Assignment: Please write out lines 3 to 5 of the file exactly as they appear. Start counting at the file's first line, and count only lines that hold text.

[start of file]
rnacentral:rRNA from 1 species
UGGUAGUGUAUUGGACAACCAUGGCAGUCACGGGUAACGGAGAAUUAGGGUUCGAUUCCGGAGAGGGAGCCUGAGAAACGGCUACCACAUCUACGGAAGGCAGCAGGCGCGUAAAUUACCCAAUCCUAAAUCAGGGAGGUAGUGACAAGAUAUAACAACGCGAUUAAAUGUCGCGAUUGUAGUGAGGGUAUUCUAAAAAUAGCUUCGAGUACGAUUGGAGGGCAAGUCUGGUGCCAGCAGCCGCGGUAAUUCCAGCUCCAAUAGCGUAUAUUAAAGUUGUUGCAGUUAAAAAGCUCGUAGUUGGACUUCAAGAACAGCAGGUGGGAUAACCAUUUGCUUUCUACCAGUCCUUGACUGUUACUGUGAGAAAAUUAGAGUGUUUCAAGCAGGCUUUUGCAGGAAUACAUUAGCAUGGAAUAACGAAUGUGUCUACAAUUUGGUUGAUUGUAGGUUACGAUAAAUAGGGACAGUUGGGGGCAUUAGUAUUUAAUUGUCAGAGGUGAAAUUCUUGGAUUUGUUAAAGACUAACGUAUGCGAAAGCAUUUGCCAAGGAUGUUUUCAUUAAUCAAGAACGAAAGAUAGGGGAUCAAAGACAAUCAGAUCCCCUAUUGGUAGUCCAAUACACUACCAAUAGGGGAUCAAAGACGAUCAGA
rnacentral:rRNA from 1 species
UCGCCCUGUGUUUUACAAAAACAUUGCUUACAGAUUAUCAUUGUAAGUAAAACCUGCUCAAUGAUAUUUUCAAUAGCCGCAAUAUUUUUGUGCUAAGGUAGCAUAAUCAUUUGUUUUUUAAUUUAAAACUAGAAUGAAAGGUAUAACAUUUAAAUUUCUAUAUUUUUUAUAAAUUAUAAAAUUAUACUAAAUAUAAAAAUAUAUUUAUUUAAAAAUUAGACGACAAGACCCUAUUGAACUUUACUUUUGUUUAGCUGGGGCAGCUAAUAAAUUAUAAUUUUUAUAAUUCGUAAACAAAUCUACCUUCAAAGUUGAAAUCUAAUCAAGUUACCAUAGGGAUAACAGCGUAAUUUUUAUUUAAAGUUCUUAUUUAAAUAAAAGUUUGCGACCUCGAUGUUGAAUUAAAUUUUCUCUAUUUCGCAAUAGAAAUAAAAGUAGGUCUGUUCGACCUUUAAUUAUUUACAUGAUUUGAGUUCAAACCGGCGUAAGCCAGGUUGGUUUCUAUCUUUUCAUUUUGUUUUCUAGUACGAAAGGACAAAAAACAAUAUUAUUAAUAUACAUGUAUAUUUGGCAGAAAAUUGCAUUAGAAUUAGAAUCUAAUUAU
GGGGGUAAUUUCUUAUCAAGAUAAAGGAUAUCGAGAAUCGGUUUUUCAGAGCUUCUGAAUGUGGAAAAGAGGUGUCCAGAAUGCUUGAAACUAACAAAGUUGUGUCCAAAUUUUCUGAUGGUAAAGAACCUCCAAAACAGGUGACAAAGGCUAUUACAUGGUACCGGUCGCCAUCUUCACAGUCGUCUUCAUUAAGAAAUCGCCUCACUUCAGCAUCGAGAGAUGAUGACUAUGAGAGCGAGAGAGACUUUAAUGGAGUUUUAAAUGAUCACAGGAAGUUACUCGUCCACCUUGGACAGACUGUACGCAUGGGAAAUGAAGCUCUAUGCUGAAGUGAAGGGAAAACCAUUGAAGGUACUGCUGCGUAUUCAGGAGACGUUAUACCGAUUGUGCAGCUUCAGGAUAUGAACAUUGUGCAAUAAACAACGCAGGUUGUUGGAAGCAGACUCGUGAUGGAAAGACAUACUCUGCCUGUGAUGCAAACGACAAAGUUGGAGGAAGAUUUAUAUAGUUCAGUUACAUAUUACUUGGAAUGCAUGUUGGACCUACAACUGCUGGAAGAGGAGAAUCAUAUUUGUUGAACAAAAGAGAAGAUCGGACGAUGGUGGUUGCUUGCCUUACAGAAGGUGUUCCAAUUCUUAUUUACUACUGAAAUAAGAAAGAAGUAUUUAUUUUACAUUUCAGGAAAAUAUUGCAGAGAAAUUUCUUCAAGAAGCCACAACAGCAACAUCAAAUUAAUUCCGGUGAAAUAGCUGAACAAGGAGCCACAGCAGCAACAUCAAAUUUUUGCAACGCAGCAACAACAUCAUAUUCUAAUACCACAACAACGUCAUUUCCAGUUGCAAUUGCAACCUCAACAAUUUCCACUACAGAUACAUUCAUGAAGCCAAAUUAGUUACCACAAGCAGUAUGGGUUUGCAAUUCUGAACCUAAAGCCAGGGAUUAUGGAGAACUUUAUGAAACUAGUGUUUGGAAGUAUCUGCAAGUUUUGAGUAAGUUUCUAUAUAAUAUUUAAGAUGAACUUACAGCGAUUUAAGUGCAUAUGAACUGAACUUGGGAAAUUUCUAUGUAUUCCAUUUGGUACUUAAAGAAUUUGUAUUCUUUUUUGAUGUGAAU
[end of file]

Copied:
rnacentral:rRNA from 1 species
UCGCCCUGUGUUUUACAAAAACAUUGCUUACAGAUUAUCAUUGUAAGUAAAACCUGCUCAAUGAUAUUUUCAAUAGCCGCAAUAUUUUUGUGCUAAGGUAGCAUAAUCAUUUGUUUUUUAAUUUAAAACUAGAAUGAAAGGUAUAACAUUUAAAUUUCUAUAUUUUUUAUAAAUUAUAAAAUUAUACUAAAUAUAAAAAUAUAUUUAUUUAAAAAUUAGACGACAAGACCCUAUUGAACUUUACUUUUGUUUAGCUGGGGCAGCUAAUAAAUUAUAAUUUUUAUAAUUCGUAAACAAAUCUACCUUCAAAGUUGAAAUCUAAUCAAGUUACCAUAGGGAUAACAGCGUAAUUUUUAUUUAAAGUUCUUAUUUAAAUAAAAGUUUGCGACCUCGAUGUUGAAUUAAAUUUUCUCUAUUUCGCAAUAGAAAUAAAAGUAGGUCUGUUCGACCUUUAAUUAUUUACAUGAUUUGAGUUCAAACCGGCGUAAGCCAGGUUGGUUUCUAUCUUUUCAUUUUGUUUUCUAGUACGAAAGGACAAAAAACAAUAUUAUUAAUAUACAUGUAUAUUUGGCAGAAAAUUGCAUUAGAAUUAGAAUCUAAUUAU
GGGGGUAAUUUCUUAUCAAGAUAAAGGAUAUCGAGAAUCGGUUUUUCAGAGCUUCUGAAUGUGGAAAAGAGGUGUCCAGAAUGCUUGAAACUAACAAAGUUGUGUCCAAAUUUUCUGAUGGUAAAGAACCUCCAAAACAGGUGACAAAGGCUAUUACAUGGUACCGGUCGCCAUCUUCACAGUCGUCUUCAUUAAGAAAUCGCCUCACUUCAGCAUCGAGAGAUGAUGACUAUGAGAGCGAGAGAGACUUUAAUGGAGUUUUAAAUGAUCACAGGAAGUUACUCGUCCACCUUGGACAGACUGUACGCAUGGGAAAUGAAGCUCUAUGCUGAAGUGAAGGGAAAACCAUUGAAGGUACUGCUGCGUAUUCAGGAGACGUUAUACCGAUUGUGCAGCUUCAGGAUAUGAACAUUGUGCAAUAAACAACGCAGGUUGUUGGAAGCAGACUCGUGAUGGAAAGACAUACUCUGCCUGUGAUGCAAACGACAAAGUUGGAGGAAGAUUUAUAUAGUUCAGUUACAUAUUACUUGGAAUGCAUGUUGGACCUACAACUGCUGGAAGAGGAGAAUCAUAUUUGUUGAACAAAAGAGAAGAUCGGACGAUGGUGGUUGCUUGCCUUACAGAAGGUGUUCCAAUUCUUAUUUACUACUGAAAUAAGAAAGAAGUAUUUAUUUUACAUUUCAGGAAAAUAUUGCAGAGAAAUUUCUUCAAGAAGCCACAACAGCAACAUCAAAUUAAUUCCGGUGAAAUAGCUGAACAAGGAGCCACAGCAGCAACAUCAAAUUUUUGCAACGCAGCAACAACAUCAUAUUCUAAUACCACAACAACGUCAUUUCCAGUUGCAAUUGCAACCUCAACAAUUUCCACUACAGAUACAUUCAUGAAGCCAAAUUAGUUACCACAAGCAGUAUGGGUUUGCAAUUCUGAACCUAAAGCCAGGGAUUAUGGAGAACUUUAUGAAACUAGUGUUUGGAAGUAUCUGCAAGUUUUGAGUAAGUUUCUAUAUAAUAUUUAAGAUGAACUUACAGCGAUUUAAGUGCAUAUGAACUGAACUUGGGAAAUUUCUAUGUAUUCCAUUUGGUACUUAAAGAAUUUGUAUUCUUUUUUGAUGUGAAU